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Transpacific Flights To Australia/NZ In the 80s  
User currently offlinetranstar From United States of America, joined Jul 1999, 530 posts, RR: 0
Posted (1 year 7 months 2 weeks 2 days 4 hours ago) and read 3609 times:
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I flew to Australia via HNL in the 1980s on Qantas. I remember flight from LAX left in the very late evening like midnight and transit in HNL was like one or two in the morning.

I have been reading about United flight 811, which experienced the cabin door opening incident. It transited HNL around midnight.

Was that normal practice on transpacific flights to Australia via HNL? Was purpose to accommodate a morning arrival in Australia?

15 replies: All unread, jump to last
 
User currently offlinetranstar From United States of America, joined Jul 1999, 530 posts, RR: 0
Reply 1, posted (1 year 7 months 2 weeks 2 days 4 hours ago) and read 3611 times:
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Sorry if not clear. My question is on whether flight schedule was designed to facilitate a morning arrival in Australia.

User currently offlineSonomaFlyer From United States of America, joined Apr 2010, 1796 posts, RR: 0
Reply 2, posted (1 year 7 months 2 weeks 2 days 4 hours ago) and read 3562 times:
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They were and still are set up to facilitate an early morning arrival into SYD. With the newer a/c available of course, non-stops are the rule. A/C types are from 77L on DL to 77Ws, 388s and 744s.

The SYD return flights are timed for morning arrivals into LAX.


User currently offlineFlyingsottsman From Australia, joined Oct 2010, 548 posts, RR: 0
Reply 3, posted (1 year 7 months 2 weeks 1 day 10 hours ago) and read 2992 times:

In the late 70s early 80s all Taranspac flights from Australia went through HNL because the 742's did not have the range of a 744 now adays plus because Hawaii being a State of the US, thats where we did customs then up to the gate again for the last leg onto LAX or SFO and comming back was the same, we came home via HNL. Now with the 744,77L, 77W, and A380 they have the range to do Australia US non stop. Most of the flights that leave LAX for Australia, New Zealand and in fact most of South East Asia leave in a block from LAX from around 10.30 onwards for the morning conections from Sydney, Brisbane, Melbourne and Auckland with NZ. When Continental flew to Australia it always went SYD/HNL/LAX and the Melbourne flights from LAX stoped in HNL and Auckland then on to Melbourne. I can remember my very first trip to the US in the Christmas period in 82/83 my Auntie and I flew Air New Zealand and we went SYD/AKL/NAN/HNL/LAX and that was in a 747-200 at that time they were prety new, as not long before that NZ stoped using the DC-10-30s.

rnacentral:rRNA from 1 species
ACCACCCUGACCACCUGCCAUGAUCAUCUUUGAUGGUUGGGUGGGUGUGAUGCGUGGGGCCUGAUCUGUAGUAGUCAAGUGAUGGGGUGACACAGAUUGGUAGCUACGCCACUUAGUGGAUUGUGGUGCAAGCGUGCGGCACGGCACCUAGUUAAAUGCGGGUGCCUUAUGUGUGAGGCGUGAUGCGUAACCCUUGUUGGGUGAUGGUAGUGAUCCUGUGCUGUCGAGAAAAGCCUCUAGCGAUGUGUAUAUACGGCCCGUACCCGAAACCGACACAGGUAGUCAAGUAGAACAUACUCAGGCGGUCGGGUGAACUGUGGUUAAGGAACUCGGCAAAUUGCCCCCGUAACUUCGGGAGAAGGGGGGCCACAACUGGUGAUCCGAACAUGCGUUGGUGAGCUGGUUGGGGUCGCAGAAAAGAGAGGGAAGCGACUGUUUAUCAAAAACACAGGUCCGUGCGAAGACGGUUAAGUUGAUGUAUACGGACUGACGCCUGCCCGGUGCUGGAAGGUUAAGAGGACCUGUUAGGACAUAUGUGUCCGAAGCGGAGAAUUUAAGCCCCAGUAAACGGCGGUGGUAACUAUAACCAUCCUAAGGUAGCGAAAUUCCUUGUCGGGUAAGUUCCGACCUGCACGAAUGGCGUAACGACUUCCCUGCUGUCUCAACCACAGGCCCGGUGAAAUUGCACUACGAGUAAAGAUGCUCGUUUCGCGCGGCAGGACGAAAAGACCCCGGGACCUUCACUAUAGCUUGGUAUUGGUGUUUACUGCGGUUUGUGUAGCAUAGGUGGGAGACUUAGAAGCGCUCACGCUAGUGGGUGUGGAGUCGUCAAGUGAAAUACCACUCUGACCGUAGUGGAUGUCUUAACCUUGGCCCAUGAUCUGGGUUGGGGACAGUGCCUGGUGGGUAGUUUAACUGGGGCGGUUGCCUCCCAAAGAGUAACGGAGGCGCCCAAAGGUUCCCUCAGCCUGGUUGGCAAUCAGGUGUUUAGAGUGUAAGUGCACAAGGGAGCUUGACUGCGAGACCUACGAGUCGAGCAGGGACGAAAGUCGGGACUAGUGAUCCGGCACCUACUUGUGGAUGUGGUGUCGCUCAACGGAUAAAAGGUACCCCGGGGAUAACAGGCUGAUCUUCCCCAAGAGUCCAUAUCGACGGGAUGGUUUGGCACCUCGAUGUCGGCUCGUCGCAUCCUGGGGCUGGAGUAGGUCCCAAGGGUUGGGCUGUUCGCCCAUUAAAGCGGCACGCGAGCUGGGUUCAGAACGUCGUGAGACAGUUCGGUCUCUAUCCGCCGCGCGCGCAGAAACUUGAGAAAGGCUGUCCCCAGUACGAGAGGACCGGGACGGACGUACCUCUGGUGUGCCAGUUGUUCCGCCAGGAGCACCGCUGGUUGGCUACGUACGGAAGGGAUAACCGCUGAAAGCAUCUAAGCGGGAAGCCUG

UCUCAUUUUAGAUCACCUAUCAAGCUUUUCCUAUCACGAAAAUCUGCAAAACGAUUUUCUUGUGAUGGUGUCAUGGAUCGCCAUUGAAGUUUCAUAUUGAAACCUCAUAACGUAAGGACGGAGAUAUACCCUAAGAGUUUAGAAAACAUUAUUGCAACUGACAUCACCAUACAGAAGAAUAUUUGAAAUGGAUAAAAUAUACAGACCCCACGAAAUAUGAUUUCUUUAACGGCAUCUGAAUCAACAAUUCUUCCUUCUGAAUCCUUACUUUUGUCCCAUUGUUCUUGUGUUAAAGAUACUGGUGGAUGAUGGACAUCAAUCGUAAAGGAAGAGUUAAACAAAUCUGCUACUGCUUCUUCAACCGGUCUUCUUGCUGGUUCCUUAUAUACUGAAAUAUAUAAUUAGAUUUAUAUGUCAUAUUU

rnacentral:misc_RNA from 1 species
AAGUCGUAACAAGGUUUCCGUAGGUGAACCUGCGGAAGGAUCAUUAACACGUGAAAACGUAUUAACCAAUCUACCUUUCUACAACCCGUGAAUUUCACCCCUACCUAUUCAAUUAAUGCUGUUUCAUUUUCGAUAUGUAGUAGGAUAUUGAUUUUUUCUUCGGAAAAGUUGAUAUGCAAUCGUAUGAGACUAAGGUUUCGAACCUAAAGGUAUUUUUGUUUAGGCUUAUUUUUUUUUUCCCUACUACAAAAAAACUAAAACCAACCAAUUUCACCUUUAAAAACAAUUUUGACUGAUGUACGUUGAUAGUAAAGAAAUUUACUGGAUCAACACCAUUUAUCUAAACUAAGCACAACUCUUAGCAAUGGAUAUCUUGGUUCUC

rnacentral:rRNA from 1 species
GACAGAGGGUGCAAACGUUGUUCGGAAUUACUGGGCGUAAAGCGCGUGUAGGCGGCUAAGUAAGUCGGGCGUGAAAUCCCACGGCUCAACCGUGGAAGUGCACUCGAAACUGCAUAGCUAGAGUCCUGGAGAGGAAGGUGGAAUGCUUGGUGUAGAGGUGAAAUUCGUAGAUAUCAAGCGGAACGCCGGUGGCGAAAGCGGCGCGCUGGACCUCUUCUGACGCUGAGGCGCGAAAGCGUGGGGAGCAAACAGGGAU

User currently offlinejfk777 From United States of America, joined Aug 2006, 8372 posts, RR: 7
Reply 4, posted (1 year 7 months 2 weeks 1 day 9 hours ago) and read 2893 times:
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ANZ did AKL to LAX back to AKL nonstop with 742's. Nonstops to SYD were flown with 747SP in the 1980's primarily by Pan AM and United. Qantas did fly 747SP's but could only operate a limited nonstop schedule with only 2 airplanes. QF went totally nonstop when they received the 744's.

User currently offlineGSPflyer From United States of America, joined Jul 2010, 369 posts, RR: 0
Reply 5, posted (1 year 7 months 2 weeks 1 day 8 hours ago) and read 2852 times:

Interesting. I knew the 747-100 didn't have the range to do Mainland U.S.-Australia, but I had no idea the 742 didn't have the range either.

Quoting jfk777 (Reply 4):
Qantas did fly 747SP's but could only operate a limited nonstop schedule with only 2 airplanes.

What route was operated with the 747SP? What about the 743, was it capable of a non-stop flight?

Also, did UA use their 747SP for the same purpose, or did they start flying non-stop when they had 744's?


User currently offlinetimz From United States of America, joined exactly 15 years ago today! , 6835 posts, RR: 6
Reply 6, posted (1 year 7 months 2 weeks 1 day 3 hours ago) and read 2712 times:

PA 747SP nonstops Sydney to California started around 1977, and UA continued them.

User currently offlinejfk777 From United States of America, joined Aug 2006, 8372 posts, RR: 7
Reply 7, posted (1 year 7 months 2 weeks 1 day 2 hours ago) and read 2622 times:
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Quoting GSPflyer (Reply 5):
Interesting. I knew the 747-100 didn't have the range to do Mainland U.S.-Australia, but I had no idea the 742 didn't have the range either.

Quoting jfk777 (Reply 4):
Qantas did fly 747SP's but could only operate a limited nonstop schedule with only 2 airplanes.

What route was operated with the 747SP? What about the 743, was it capable of a non-stop flight?

Also, did UA use their 747SP for the same purpose, or did they start flying non-stop when they had 744's?

747SP flew nonstop on the LAX to SYD route, 743 were not used nonstop on the route.